Opinion: 5 ways cash transfers are improving humanitarian response

Cash transfers and electronic vouchers as humanitarian assistance to Somalis. Photo by: Anouk Delafortrie / ECHO / CC BY-NC-ND

The 2015 high-level panel on humanitarian cash transfers challenged humanitarians to ask “why not cash?” and “if not now, when?”

Over recent years, the scale-up of cash assistance in crisis response has changed the way humanitarians operate. Cash supports local markets and economic regeneration, empowers recipients, and allows them to prioritize their needs. Up to 80 percent of people in crises prefer cash to in-kind aid. Cash can be faster and cheaper to deliver: Studies show cash is 25 to 30 percent more efficient than in-kind aid, while up to 70 per cent of in-kind aid ends up being re-sold. Cash assistance can also help us link to longer-term recovery and to government-led efforts to support affected citizens.

Perhaps most importantly, cash also forces humanitarians to raise standards across the board. It shines a light on many of the flaws inherent in the humanitarian system, and pushes aid groups to make changes so that they are fit for purpose. Many of the changes catalysed by cash responses, including thinking through the right response tools to meet needs; linking up across better sectors; and aligning response more closely to needs assessments, simply equate to better planning and programming.

Here, the United Nations Office for the Coordination of Humanitarian Affairs outlines five ways that the increasing use of cash is improving humanitarian response.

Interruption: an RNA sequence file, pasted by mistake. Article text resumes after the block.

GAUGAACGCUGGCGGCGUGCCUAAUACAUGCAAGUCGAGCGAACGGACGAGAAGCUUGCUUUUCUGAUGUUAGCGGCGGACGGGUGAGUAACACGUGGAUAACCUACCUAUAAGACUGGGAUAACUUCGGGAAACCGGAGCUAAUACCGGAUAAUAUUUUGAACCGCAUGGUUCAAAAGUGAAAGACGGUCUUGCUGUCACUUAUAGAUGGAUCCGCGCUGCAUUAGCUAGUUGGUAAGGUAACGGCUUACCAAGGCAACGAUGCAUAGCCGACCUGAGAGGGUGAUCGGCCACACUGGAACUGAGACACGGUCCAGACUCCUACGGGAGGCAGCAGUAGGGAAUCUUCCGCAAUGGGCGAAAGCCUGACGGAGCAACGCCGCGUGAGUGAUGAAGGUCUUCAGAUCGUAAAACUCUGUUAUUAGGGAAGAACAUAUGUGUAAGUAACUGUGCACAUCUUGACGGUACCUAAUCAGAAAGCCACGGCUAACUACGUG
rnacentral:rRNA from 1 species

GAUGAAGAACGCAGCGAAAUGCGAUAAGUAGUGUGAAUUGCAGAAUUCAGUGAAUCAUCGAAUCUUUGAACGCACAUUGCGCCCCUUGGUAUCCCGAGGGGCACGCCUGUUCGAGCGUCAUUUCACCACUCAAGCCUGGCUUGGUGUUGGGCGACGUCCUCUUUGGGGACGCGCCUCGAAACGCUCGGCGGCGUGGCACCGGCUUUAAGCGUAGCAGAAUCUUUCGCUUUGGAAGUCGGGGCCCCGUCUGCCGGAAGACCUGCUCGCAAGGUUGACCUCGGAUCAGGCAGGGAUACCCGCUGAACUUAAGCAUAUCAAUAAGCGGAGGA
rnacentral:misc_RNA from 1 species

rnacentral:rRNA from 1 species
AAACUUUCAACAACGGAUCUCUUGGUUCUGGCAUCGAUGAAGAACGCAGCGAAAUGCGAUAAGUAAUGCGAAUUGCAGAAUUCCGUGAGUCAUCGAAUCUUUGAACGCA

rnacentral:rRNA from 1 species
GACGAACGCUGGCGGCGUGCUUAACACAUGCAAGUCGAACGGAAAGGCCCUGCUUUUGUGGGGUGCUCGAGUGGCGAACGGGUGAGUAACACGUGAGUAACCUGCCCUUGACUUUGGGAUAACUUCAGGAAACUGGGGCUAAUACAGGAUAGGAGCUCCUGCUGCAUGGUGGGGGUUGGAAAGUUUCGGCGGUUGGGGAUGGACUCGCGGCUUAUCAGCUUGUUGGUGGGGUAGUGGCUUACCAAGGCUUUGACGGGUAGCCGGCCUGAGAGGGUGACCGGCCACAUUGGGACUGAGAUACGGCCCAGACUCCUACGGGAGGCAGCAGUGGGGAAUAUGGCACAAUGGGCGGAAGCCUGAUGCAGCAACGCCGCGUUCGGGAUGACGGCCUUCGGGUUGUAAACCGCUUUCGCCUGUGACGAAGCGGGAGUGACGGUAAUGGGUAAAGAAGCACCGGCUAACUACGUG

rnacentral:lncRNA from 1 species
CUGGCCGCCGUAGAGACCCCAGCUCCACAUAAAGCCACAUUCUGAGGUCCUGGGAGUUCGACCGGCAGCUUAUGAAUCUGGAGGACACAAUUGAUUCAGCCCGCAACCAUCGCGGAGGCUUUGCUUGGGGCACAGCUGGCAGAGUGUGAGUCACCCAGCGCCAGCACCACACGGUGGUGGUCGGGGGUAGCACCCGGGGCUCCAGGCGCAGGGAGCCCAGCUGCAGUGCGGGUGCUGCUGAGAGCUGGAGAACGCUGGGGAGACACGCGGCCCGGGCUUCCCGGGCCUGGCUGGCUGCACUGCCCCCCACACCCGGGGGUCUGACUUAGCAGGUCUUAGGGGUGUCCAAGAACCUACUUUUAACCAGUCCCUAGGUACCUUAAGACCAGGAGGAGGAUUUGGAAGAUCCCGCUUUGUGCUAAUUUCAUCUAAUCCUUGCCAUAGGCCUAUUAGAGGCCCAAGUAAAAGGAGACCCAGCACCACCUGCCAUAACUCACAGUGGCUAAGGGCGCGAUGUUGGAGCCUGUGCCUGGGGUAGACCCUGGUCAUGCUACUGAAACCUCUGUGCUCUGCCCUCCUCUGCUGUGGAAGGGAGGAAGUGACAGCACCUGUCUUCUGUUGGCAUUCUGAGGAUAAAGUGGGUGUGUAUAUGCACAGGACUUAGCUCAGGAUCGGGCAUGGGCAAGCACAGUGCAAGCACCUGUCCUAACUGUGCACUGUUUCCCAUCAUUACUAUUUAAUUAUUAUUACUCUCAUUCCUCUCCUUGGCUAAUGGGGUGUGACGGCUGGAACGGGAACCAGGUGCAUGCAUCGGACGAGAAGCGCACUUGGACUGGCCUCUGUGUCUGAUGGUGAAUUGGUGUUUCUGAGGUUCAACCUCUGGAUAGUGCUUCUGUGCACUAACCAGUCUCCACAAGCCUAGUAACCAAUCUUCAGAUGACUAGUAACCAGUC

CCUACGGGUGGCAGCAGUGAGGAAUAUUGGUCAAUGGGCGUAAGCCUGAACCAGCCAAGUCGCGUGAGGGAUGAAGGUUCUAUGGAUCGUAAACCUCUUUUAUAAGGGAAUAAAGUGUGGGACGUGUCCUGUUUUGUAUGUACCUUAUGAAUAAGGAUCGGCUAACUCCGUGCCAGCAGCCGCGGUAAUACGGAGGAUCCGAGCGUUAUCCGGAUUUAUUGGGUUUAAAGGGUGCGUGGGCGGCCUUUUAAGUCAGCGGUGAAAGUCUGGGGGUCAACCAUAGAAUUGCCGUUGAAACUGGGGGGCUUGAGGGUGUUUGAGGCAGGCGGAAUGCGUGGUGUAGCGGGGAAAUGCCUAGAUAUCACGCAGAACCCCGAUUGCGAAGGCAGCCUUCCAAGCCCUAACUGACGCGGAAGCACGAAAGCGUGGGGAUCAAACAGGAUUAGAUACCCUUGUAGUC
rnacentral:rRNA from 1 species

Source: Oversease Development Institute

1. Cash forces us to use the right tools in the right places at the right time

As humanitarian needs reach unprecedented levels, and the gap between need and response grows, aid agencies must use the limited resources at their disposal as efficiently and effectively as possible. This includes rethinking response by using new tools and channels. But all too often, aid groups roll out the same prepackaged solutions.

In Nepal, following the 2015 earthquake, Shobha Shrestha, a geography professor at the University of Kathmandu, turned up at the OCHA office one morning to offer her time and expertise to help the relief effort. She produced a map overlaying the severity of food needs across the country with road access, and the presence of functioning financial service providers. The map made it clear where airdrops should be focused — high need, no road access, no financial service providers; where road deliveries were most appropriate — high need, road access, no financial service providers; and where cash transfers could be used — high need, road access, functioning financial service providers. By asking “where can we use cash?,” humanitarians force a discussion about the most effective tools across the response, leading to a more efficient allocation of resources.

2. Cash helps humanitarians reach the places other tools cannot

In 2016 and 2017, drought pushed 3.5 million people in Somalia into severe food insecurity. Humanitarian actors battled to avoid a repeat of 2011, when restricted access to the worst-affected parts of the country contributed to an inadequate response to famine conditions, leading to the deaths of 260,000 people. This time too, widespread insecurity meant that humanitarian convoys could not reach many of the worst-affected areas. However, a highly resilient market system has continued to operate in Somalia through 25 years of conflict, meaning almost every part of the country continued to be accessible to private traders. In 2017, aid agencies made cash transfers to 500,000 households, benefiting up to 3 million people, enabling recipients to buy lifesaving food and other goods on local markets, which played a critical role in helping to avert a famine.